When did you last test the usability of your website?
In this article we explain what usability testing is, how it benefits you, what you can expect to learn from it, how long it takes and what it costs.
Most of the clients we talk to haven’t done any usability testing on their website in over 12 months, sometimes never. Equally common is the confusion people have about what their analytics are really telling them. Which is strange, because usability testing doesn’t cost much, it’s relatively quick to do and it gives you insight into what is really happening on your site.
What is usability testing?
The insights gained from speaking with and observing users is invaluable. Some of the setup depends on what we are trying to test (on mobile, in the user’s environment, in a lab, with a live video feed etc) but typically it involves recruiting users who represent your customers, designing carefully crafted tasks then sitting down in a one-to-one setting for 45 minutes or so, and observing them using your website.
Here’s what the clever folk at gov.uk say;
“Moderated usability testing is where you watch participants try to complete specific tasks using your service.
Asking them to ‘think aloud’ as they move through the service helps you understand what they are doing, thinking and feeling.”
Testing the goals of the website
Website goals usually fit into one or more of these six helpful categories:
- Generate leads - I need to make it easier for customers to get in touch
- Improve trust - I need to make my customers happier
- Increase revenue - I need to make it easier for customers to buy more of what they want
- Provide information - I need to make finding content easy
- Reduce costs - I need to make it easier for customers to self serve
- Reduce risk - I want to avoid doing things that my customers don’t need
You can see that each business goal is related to how it benefits your users. Usability testing will tell you if the site is meeting those goals.
What will usability testing tell us?
It really depends on what your website is supposed to do but there are some of the more common insights:
- How does the website match with the expectations of users?
- Which aspects of the website do users struggle with?
- How well do users comprehend the content and instructions?
- Which aspects are most likely to cause a user to drop-out?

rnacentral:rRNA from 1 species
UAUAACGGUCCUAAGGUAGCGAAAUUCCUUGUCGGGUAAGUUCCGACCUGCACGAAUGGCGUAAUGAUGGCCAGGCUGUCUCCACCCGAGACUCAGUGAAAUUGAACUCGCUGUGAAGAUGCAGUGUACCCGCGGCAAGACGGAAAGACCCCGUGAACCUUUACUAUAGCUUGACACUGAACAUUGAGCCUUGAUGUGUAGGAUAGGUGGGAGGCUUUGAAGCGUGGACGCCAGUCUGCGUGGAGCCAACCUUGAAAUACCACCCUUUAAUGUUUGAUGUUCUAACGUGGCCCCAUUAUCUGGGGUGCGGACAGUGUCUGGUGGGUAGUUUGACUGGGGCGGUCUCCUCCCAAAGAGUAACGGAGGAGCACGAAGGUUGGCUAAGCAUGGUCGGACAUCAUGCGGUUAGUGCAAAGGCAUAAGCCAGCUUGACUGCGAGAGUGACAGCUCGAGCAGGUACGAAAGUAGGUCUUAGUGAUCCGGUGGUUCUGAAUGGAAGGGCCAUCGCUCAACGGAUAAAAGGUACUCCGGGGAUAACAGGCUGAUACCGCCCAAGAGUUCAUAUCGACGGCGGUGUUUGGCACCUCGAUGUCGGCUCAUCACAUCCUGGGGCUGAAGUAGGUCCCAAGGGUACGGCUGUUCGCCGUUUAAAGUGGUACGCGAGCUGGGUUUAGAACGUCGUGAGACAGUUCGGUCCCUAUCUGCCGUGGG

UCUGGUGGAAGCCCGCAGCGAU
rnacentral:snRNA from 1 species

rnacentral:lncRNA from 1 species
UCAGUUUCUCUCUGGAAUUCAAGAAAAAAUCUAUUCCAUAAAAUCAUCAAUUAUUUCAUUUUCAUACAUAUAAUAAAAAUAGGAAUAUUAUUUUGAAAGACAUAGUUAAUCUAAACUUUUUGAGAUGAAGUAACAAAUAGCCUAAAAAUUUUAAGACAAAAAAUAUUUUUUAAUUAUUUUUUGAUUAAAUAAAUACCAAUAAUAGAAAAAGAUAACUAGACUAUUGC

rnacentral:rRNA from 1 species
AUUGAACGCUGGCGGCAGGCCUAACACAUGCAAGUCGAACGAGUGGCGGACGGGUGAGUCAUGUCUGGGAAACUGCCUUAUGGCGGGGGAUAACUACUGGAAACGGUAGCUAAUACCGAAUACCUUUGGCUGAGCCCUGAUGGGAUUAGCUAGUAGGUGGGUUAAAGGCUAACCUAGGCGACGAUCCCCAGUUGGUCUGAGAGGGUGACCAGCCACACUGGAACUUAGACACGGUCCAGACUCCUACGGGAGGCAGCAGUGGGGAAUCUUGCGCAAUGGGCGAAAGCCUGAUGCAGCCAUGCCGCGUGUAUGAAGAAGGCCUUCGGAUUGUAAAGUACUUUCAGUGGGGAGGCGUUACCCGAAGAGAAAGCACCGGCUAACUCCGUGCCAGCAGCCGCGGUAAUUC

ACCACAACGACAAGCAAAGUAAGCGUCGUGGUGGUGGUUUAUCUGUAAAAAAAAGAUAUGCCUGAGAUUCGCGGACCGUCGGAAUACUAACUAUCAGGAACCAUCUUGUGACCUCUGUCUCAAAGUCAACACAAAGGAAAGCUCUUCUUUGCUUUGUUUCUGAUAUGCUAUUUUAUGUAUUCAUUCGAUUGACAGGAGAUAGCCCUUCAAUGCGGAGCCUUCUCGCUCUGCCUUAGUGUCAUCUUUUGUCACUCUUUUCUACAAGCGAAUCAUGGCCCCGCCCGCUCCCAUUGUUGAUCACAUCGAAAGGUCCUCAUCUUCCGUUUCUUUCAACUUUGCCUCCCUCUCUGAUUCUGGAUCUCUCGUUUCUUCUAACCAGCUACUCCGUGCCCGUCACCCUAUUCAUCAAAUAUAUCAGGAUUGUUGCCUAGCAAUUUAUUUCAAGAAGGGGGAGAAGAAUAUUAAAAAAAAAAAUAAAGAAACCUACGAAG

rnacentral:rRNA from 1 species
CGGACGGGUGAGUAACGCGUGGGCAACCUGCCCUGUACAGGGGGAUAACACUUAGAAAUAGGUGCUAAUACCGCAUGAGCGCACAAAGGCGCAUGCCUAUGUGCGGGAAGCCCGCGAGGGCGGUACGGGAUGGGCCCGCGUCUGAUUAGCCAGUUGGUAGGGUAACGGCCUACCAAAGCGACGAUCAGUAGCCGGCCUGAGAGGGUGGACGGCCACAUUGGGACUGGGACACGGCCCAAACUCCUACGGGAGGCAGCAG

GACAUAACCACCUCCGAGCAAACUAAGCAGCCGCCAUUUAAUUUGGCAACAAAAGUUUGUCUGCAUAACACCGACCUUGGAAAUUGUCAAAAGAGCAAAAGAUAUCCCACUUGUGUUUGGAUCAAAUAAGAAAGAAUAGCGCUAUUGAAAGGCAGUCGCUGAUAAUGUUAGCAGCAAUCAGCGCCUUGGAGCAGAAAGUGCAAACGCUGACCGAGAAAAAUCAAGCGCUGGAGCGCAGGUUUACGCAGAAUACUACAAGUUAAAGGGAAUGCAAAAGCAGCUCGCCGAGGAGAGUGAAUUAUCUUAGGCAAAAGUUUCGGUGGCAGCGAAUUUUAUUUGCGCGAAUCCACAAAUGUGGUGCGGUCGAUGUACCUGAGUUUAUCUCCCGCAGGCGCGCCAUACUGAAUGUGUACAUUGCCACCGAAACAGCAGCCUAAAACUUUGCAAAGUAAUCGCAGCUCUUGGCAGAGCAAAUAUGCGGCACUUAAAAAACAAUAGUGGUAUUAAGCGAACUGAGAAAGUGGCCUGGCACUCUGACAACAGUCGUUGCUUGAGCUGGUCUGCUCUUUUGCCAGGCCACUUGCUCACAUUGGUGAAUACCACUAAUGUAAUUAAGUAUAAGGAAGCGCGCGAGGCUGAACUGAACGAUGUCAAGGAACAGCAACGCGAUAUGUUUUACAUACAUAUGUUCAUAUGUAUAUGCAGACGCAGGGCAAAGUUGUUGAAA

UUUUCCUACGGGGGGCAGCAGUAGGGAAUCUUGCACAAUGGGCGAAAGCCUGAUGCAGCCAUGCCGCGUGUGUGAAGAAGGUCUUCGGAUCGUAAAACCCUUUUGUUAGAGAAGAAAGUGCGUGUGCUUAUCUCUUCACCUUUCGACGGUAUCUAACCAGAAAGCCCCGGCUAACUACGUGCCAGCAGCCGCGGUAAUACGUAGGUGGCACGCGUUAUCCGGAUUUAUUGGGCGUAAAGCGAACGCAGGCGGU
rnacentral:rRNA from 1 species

- Where are users most likely to benefit from support/help?
These insights tell us where users have needs that are currently not being met. The insights help you to invest in the areas that most need it and to make confident and bold decisions about the design and functionality of your site.
How long does it take and what does it cost?
Typically we’ll need about a week to recruit users, book the venue or rooms (we have a live stream between two rooms, so you can observe the testing sessions first hand), and create a bespoke testing script to run the tasks.
Creating the tasks takes the most time, it’s not a simple process and requires a lot of thought and experience to get it right. The worst thing that you could do is to waste the benefits of doing usability testing by getting the tasks and facilitation wrong.
We’ll usually spend one day facilitating the testing, and you’ll be learning insights first-hand. We’ll then spend a day pulling together an edited video, if needed, so that you’ve got something to show the rest of your business.
Costs include our professional research time, setup of our mobile usability testing lab, recruiting up to five participants plus their incentives, lunch and refreshments on the day. We want to show you how accessible research is, so you’re very welcome to bring your team with you too.
Travel costs are additional, but we’re centrally located in Sheffield and it’s easy to get to most places in the UK. If you don’t have access to two rooms close to each other, then we’ll likely need to hire a venue which is extra.
Typically it takes 2-3 weeks and about £3,000 + VAT to do usability testing on a website. You may want to do more, or even try out some new ideas and test those. The beauty of this approach is that you can do a bit and make an informed choice about what to do next.